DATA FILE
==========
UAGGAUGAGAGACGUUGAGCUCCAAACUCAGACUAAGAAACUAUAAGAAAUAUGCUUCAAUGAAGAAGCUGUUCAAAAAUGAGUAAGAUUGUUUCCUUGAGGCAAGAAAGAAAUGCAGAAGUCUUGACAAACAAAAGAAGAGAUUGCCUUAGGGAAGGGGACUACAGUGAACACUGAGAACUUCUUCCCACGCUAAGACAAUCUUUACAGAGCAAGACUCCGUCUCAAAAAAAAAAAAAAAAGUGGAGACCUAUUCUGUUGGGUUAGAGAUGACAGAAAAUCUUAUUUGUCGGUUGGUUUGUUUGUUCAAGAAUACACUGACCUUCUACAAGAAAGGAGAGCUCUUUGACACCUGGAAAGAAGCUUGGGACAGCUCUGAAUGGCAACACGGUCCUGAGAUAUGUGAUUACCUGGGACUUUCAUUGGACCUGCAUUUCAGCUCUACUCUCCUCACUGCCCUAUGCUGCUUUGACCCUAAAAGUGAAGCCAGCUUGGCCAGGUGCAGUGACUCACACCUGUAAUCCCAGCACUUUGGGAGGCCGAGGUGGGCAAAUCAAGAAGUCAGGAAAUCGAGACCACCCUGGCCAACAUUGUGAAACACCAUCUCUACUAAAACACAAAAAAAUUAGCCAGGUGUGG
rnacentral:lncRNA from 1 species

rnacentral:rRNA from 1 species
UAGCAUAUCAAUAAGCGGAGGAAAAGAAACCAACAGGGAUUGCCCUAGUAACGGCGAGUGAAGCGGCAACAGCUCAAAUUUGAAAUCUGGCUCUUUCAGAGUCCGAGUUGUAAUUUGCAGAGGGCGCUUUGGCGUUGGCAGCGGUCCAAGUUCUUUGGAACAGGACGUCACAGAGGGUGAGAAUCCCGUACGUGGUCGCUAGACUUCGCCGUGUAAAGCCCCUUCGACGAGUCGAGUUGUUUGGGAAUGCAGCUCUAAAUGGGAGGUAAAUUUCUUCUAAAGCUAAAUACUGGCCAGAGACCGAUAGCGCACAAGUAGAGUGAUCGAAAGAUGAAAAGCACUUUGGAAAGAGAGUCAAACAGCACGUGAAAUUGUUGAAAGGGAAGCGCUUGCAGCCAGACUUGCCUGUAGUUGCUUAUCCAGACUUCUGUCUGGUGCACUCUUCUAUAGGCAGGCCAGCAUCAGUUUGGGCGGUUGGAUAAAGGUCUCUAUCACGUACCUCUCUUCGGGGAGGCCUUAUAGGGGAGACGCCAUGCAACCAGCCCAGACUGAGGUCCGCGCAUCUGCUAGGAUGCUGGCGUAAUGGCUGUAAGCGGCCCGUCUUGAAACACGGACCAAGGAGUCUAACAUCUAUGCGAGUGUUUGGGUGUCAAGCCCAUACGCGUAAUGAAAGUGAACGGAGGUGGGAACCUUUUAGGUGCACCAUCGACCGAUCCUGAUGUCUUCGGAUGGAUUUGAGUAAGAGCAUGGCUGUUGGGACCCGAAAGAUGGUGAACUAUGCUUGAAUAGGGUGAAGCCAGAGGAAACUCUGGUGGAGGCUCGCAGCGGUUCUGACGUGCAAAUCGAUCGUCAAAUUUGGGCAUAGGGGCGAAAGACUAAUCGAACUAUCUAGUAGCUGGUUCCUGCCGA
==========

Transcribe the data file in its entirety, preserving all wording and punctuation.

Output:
UAGGAUGAGAGACGUUGAGCUCCAAACUCAGACUAAGAAACUAUAAGAAAUAUGCUUCAAUGAAGAAGCUGUUCAAAAAUGAGUAAGAUUGUUUCCUUGAGGCAAGAAAGAAAUGCAGAAGUCUUGACAAACAAAAGAAGAGAUUGCCUUAGGGAAGGGGACUACAGUGAACACUGAGAACUUCUUCCCACGCUAAGACAAUCUUUACAGAGCAAGACUCCGUCUCAAAAAAAAAAAAAAAAGUGGAGACCUAUUCUGUUGGGUUAGAGAUGACAGAAAAUCUUAUUUGUCGGUUGGUUUGUUUGUUCAAGAAUACACUGACCUUCUACAAGAAAGGAGAGCUCUUUGACACCUGGAAAGAAGCUUGGGACAGCUCUGAAUGGCAACACGGUCCUGAGAUAUGUGAUUACCUGGGACUUUCAUUGGACCUGCAUUUCAGCUCUACUCUCCUCACUGCCCUAUGCUGCUUUGACCCUAAAAGUGAAGCCAGCUUGGCCAGGUGCAGUGACUCACACCUGUAAUCCCAGCACUUUGGGAGGCCGAGGUGGGCAAAUCAAGAAGUCAGGAAAUCGAGACCACCCUGGCCAACAUUGUGAAACACCAUCUCUACUAAAACACAAAAAAAUUAGCCAGGUGUGG
rnacentral:lncRNA from 1 species

rnacentral:rRNA from 1 species
UAGCAUAUCAAUAAGCGGAGGAAAAGAAACCAACAGGGAUUGCCCUAGUAACGGCGAGUGAAGCGGCAACAGCUCAAAUUUGAAAUCUGGCUCUUUCAGAGUCCGAGUUGUAAUUUGCAGAGGGCGCUUUGGCGUUGGCAGCGGUCCAAGUUCUUUGGAACAGGACGUCACAGAGGGUGAGAAUCCCGUACGUGGUCGCUAGACUUCGCCGUGUAAAGCCCCUUCGACGAGUCGAGUUGUUUGGGAAUGCAGCUCUAAAUGGGAGGUAAAUUUCUUCUAAAGCUAAAUACUGGCCAGAGACCGAUAGCGCACAAGUAGAGUGAUCGAAAGAUGAAAAGCACUUUGGAAAGAGAGUCAAACAGCACGUGAAAUUGUUGAAAGGGAAGCGCUUGCAGCCAGACUUGCCUGUAGUUGCUUAUCCAGACUUCUGUCUGGUGCACUCUUCUAUAGGCAGGCCAGCAUCAGUUUGGGCGGUUGGAUAAAGGUCUCUAUCACGUACCUCUCUUCGGGGAGGCCUUAUAGGGGAGACGCCAUGCAACCAGCCCAGACUGAGGUCCGCGCAUCUGCUAGGAUGCUGGCGUAAUGGCUGUAAGCGGCCCGUCUUGAAACACGGACCAAGGAGUCUAACAUCUAUGCGAGUGUUUGGGUGUCAAGCCCAUACGCGUAAUGAAAGUGAACGGAGGUGGGAACCUUUUAGGUGCACCAUCGACCGAUCCUGAUGUCUUCGGAUGGAUUUGAGUAAGAGCAUGGCUGUUGGGACCCGAAAGAUGGUGAACUAUGCUUGAAUAGGGUGAAGCCAGAGGAAACUCUGGUGGAGGCUCGCAGCGGUUCUGACGUGCAAAUCGAUCGUCAAAUUUGGGCAUAGGGGCGAAAGACUAAUCGAACUAUCUAGUAGCUGGUUCCUGCCGA